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Database of Abstracts of Reviews of Effects (DARE): Quality-assessed Reviews [Internet]. York (UK): Centre for Reviews and Dissemination (UK); 1995-.

Database of Abstracts of Reviews of Effects (DARE): Quality-assessed Reviews [Internet].

Clinical efficacy of the microfracture technique for articular cartilage repair in the knee: an evidence-based systematic analysis

K Mithoefer, T McAdams, RJ Williams, PC Kreuz, and BR Mandelbaum.

Review published: 2009.

Link to full article: [Journal publisher]

CRD summary

The review found that microfracture for articular cartilage repair of the knee improved short-term function. More evidence was needed about long-term outcomes and specific indications for microfracture. Due to differences between studies and a lack of statistical data in the review, the authors’ conclusions may not be reliable.

Authors' objectives

To evaluate the clinical efficacy of microfracture for articular cartilage repair of the knee.


MEDLINE, PREMEDLINE, EMBASE, CINAHL, Life Science Citations and National Library for Health, including Cochrane Central Register of Controlled Trials (CENTRAL) were searched from 1966 to October 2007 for published and unpublished studies. Search terms were reported. Reference lists of relevant studies and reviews were checked. The search was limited to studies in English or German.

Study selection

Prospective or retrospective controlled or uncontrolled studies that reported clinical outcomes after microfracture to repair International Cartilage Society Grade III or IV chondral or osteochondral defects of the knee (femoral condyle, tibia or patellofemoral joint) were eligible for inclusion. Microfracture could be combined with other surgery or additional procedures. Non-randomised studies were required to report magnetic resonance imaging (MRI) of cartilage repair, second-look or histological findings after at least one year’s follow-up or clinical outcomes at at least two years’ follow up. Studies of osteochondral defects or with less than 70% follow-up were excluded.

The studies in the review included populations with a variety of lesion types, cointerventions, degrees of joint degeneration and age. Reporting of participant characteristic was suboptimal in many studies. Mean participant age ranged from 24 to 65 years. Most participants had acute single chondral defects and a mean lesion size of under 4cm. Most studies included both femorotibial and patellofemoral defects. Many participants received microfracture plus a cointervention such as meniscal surgery. Most studies described detailed rehabilitation procedures, which often included continuous passive motion exercises. Outcome measures varied widely and included 15 different functional scales. Review outcomes included complications, adverse effects, failures (defined in the review as failure to improve clinically or need for revision surgery) and factors that affected functional outcomes. Mean study follow-up was 41 months; nearly half of the participants had over five years’ follow-up.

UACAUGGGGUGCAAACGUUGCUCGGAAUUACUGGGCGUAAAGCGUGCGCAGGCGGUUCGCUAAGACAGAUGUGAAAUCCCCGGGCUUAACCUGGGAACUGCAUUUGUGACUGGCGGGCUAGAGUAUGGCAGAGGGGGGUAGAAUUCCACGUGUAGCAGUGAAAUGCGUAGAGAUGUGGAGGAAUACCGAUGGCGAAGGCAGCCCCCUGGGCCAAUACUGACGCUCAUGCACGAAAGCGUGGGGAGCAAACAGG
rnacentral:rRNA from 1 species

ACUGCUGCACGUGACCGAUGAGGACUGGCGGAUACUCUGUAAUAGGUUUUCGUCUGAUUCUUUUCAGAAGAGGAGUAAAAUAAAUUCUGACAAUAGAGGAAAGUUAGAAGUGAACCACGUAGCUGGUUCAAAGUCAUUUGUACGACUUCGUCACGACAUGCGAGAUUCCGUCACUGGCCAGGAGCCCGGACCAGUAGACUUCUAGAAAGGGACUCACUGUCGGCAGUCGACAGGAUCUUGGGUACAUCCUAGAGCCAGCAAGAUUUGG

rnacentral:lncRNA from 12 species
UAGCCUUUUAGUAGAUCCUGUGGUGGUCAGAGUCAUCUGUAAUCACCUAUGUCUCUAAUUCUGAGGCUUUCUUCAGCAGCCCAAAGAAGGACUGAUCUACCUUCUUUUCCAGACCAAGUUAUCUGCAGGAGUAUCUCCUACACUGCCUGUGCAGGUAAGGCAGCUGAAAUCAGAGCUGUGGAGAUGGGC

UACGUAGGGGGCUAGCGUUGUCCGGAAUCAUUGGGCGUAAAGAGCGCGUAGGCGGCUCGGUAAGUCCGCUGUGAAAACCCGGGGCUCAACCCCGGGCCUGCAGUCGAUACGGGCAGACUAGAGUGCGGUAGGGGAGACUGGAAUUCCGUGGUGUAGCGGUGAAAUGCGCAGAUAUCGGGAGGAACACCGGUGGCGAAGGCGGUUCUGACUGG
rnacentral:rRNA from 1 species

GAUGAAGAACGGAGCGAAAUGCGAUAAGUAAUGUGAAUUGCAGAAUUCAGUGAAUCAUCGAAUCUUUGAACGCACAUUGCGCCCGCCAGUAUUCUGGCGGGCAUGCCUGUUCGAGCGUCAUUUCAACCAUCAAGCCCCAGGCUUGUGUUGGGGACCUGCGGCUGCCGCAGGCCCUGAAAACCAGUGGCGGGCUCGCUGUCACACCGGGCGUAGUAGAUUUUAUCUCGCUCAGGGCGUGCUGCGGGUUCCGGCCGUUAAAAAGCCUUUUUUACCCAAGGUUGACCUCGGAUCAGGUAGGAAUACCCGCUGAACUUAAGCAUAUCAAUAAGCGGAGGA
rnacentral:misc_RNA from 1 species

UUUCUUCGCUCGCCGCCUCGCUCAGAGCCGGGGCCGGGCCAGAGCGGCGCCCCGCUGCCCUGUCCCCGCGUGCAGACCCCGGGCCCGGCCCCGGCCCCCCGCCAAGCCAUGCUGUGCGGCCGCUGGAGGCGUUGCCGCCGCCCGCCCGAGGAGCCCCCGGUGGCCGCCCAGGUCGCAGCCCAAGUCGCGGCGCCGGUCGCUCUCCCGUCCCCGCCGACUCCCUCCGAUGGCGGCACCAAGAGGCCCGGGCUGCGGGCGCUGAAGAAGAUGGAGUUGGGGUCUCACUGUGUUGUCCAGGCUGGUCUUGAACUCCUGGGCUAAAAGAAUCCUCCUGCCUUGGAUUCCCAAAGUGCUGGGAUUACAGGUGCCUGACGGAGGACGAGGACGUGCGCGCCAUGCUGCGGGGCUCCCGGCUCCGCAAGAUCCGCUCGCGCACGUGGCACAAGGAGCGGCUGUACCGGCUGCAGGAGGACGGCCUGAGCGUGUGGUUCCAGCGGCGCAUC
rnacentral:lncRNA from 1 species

Two reviewers independently selected studies.

Assessment of study quality

A modified published scale (Coleman Methodology Score) was used to allocate up to 100 points for quality components that included sample size, follow-up, design, diagnostic certainty, reporting of selection and clinical procedures, and outcomes evaluation. Levels of evidence were allocated, ranked by study design.

Two reviewers independently assessed study validity. Disagreements were resolved by discussion.

Data extraction

Descriptive data were extracted from each study by two reviewers who worked independently. Disagreements were resolved by discussion.

Methods of synthesis

Studies were combined by narrative synthesis, organised by type of outcome.

Results of the review

Twenty-eight studies were included (n=3,122, range seven to 1,200): six RCTs; one prospective cohort; and 21 case series (12 prospective and nine retrospective). Overall validity was acceptable. Mean quality score was 58.2 points out of 100 (range 22 to 97). Scores were relatively high (at least 80%) for diagnostic certainty, follow-up rate and description of outcomes. Scores were relatively low for study design, methods of selection and outcomes assessment.